Cheese confuses many followers of the gluten-free diet. Most cheese does not have gluten, but it is very important to read labels of all packaged or processed cheese before eating it.
Aside from wheat, barley and rye, you also want to make sure the cheese does not contain wheat starch or modified food starch made from wheat. If you go to a deli counter to purchase cheese, not only must the cheese itself be gluten-free, but the machine used to slice the cheese must also be cleaned to prevent cross-contact.
- Shredded cheese is usually gluten-free, but may use a gluten-containing starch to prevent the shreds from sticking together, so make sure to read the ingredients list.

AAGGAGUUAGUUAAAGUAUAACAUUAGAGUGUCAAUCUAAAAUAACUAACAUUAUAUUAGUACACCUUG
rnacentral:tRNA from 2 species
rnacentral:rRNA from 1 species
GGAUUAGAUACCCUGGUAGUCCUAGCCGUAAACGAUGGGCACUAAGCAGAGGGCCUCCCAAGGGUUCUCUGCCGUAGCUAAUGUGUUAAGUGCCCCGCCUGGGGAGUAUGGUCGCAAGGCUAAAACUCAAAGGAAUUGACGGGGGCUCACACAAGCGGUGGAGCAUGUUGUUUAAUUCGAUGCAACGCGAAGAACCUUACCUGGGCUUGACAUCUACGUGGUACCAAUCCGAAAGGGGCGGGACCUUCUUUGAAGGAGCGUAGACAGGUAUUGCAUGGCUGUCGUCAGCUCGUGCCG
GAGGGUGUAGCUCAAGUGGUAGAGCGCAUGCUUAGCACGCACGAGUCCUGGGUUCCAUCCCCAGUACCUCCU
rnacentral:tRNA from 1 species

- Cheese whiz is usually gluten-free. Read more about cheese whiz in Answers from a Dietitian.
- Dairy-free cheese may not be gluten-free. Some dairy-free cheeses are made with flour, so read the ingredients label before eating dairy-free cheese.
- String cheese or cheese sticks are usually gluten-free.
- Cheese powder is usually gluten-free, but check the label.
- Cheese spreads are usually gluten-free, but make sure to read the label, as there may be gluten in the ingredients used to create the spread’s consistency.
Foods Containing Cheese
While most cheeses by themselves do not contain gluten, foods that contain cheese as one ingredient may not be gluten-free, so you should always read the label.
- Cheesecake is not gluten-free (unless specified on the label) because the crust is made with wheat flour.
- Mozzarella sticks are not gluten-free (unless specified on the label) because they are coated in breadcrumbs. Additionally, mozzarella sticks from a restaurant are likely to be fried in the same oil used for gluten-containing foods.